The Center for Renaissance Studies at the Newberry Library in Chicago is hosting a series of Premodern Studies Seminars, which will all be held virtually due to the ongoing Covid-19 pandemic.
The Premodern Studies Seminar theme this year is Premodern Crises and the seminar presentations focus on climate change, plague, and disease in the premodern world.
Graduate students and Honors students who are studying ancient, medieval, and early modern history at Northern Illinois University will be interested in these seminars.
Here is the announcement from the Center for Renaissance Studies:
CRS is pleased to announce the winter and spring meetings of the Premodern Studies Seminar. This seminar provides a forum for new approaches to classical, medieval, and early modern studies, allowing scholars from a range of disciplines to share works-in-progress with the broader community at the Center for Renaissance Studies. Every meeting is free and open to the public, and participants are encouraged to attend as many seminars as they are able. Due to the ongoing COVID-19 pandemic, all seminar meetings will take place virtually over Zoom.
The theme of the 2020-2021 seminars is “Premodern Crises.” We aim to explore the many ways in which ancient, medieval, and early modern people responded to disruptive events of all kinds: epidemic, war, famine, mass migration and displacement, religious schisms, ecological catastrophe, popular revolt, the rise and fall of empires, and crises of political legitimacy. How were these crises experienced by different segments of premodern societies throughout the world? What do the official and private responses to moments of crisis tell us about the structures and workings of premodern institutions? What impact did these crises have on thought, belief, art, and society? What categories other than “crisis” did premodern people use in order to understand such events? Finally, what does it mean to do scholarship on premodern crises in these times of radical uncertainty? How has the present moment forced or invited you to re-examine approaches to engaging with the past through research and teaching?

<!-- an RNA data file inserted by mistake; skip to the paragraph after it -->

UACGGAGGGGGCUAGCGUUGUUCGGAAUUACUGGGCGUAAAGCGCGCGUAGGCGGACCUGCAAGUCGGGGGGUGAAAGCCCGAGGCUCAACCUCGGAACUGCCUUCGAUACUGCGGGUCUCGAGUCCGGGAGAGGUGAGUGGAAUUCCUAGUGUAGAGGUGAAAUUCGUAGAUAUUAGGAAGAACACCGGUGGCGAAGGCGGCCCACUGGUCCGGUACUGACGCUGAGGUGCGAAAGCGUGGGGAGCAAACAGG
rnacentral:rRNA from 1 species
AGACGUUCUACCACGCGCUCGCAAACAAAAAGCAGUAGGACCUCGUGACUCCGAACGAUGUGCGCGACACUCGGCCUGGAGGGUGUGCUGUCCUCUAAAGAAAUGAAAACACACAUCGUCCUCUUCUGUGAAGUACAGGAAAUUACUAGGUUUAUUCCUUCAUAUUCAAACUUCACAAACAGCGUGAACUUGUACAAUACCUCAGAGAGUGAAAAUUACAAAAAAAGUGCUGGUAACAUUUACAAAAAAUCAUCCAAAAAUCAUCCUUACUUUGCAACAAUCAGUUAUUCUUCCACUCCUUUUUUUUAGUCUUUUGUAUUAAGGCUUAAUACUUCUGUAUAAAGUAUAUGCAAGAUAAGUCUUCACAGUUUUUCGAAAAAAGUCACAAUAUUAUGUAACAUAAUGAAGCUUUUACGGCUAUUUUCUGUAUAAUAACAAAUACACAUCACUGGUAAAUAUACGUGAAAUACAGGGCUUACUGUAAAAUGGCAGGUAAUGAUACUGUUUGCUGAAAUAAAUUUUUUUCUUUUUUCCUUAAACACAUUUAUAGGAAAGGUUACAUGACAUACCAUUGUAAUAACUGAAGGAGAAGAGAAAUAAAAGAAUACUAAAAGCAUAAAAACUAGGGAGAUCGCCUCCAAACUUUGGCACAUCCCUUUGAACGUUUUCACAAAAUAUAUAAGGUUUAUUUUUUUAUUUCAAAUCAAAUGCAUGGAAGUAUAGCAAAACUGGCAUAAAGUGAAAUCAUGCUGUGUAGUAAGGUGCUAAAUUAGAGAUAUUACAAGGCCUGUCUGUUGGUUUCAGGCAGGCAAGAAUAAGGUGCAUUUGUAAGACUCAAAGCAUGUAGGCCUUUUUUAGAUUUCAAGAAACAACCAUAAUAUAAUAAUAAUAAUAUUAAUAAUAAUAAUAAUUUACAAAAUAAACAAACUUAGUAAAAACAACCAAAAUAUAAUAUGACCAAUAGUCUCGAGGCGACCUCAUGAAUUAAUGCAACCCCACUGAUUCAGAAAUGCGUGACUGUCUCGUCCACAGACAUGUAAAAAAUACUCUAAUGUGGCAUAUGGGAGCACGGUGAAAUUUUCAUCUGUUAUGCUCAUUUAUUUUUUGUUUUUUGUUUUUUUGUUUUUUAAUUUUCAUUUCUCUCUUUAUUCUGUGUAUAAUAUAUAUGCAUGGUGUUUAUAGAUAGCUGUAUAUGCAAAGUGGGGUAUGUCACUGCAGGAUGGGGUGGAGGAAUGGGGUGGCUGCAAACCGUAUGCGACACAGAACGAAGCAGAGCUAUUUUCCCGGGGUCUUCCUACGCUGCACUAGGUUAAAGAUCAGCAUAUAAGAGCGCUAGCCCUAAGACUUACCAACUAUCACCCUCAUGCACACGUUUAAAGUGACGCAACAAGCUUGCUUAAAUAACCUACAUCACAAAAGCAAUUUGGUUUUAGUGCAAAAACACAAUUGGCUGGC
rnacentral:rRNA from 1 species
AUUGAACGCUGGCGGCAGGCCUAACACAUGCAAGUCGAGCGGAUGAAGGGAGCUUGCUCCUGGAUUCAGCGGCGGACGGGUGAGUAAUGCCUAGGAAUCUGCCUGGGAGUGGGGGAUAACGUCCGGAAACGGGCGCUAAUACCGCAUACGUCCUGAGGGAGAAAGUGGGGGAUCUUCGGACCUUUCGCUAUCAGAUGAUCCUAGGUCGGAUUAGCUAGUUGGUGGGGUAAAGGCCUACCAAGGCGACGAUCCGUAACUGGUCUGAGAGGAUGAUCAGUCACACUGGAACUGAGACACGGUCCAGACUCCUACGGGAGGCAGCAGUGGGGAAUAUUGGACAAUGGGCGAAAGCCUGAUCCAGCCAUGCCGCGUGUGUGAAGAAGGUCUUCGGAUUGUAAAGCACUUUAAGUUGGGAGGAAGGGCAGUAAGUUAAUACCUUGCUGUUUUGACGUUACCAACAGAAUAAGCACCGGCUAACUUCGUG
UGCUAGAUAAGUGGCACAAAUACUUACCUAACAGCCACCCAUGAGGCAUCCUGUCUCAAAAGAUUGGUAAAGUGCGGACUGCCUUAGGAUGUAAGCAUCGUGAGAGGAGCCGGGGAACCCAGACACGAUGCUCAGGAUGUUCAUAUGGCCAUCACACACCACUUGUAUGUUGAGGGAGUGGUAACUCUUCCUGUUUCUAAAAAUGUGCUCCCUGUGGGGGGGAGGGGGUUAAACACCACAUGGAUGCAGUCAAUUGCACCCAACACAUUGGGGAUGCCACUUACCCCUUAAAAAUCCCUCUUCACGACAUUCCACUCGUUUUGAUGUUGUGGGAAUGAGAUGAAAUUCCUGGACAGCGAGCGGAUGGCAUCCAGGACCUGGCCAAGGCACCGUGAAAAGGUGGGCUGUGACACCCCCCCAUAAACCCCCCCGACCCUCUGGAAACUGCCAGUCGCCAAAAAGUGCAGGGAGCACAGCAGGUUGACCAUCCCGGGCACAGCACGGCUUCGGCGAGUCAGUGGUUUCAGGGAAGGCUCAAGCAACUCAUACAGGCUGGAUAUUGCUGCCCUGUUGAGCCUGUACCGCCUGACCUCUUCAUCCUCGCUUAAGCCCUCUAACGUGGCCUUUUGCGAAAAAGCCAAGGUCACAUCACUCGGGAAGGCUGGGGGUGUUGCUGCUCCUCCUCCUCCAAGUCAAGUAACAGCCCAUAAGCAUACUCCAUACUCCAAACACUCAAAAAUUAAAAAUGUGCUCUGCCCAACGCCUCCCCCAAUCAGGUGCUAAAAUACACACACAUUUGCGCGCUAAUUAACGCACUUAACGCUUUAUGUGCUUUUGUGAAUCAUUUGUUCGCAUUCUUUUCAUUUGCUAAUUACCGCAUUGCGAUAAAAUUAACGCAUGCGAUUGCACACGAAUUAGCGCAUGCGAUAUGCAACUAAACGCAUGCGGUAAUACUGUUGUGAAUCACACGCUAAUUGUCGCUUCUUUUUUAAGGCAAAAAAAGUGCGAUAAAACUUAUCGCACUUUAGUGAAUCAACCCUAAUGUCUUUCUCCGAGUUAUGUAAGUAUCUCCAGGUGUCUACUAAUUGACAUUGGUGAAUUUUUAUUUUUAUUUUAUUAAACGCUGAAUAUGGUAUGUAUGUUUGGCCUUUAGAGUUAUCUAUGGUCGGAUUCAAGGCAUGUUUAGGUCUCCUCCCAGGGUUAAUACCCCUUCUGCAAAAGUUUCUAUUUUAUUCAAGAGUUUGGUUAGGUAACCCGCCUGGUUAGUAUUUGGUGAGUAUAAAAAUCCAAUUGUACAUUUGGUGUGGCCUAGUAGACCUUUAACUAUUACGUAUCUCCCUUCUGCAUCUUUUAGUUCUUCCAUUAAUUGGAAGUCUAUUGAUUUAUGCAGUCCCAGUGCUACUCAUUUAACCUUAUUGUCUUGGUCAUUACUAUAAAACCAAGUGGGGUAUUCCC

See below for further information about the upcoming meetings. Individual announcements, including registration information, will be made for each seminar 2-3 weeks in advance. For more information about the Premodern Studies Seminar, visit our website here: https://www.newberry.org/premodern-studies-seminar
Friday, February 19, 2021
1-3 pm CST
Shannon Gayk, Indiana University
“Everyday Apocalypse: Middle English Literature and Climate Catastrophe”
Friday, March 26, 2021
1-3 pm CST
Ryan Kashanipour, University of Arizona
“Epidemics and Epistemologies: Experiencing Illness in Colonial Yucatán”
Friday, June 4, 2021
1-3 pm CST
Joshua Teplitsky, Stony Brook University
“Quarantine in the Prague Ghetto: Plague and Public Health between Jews and Christians in an Early Modern City”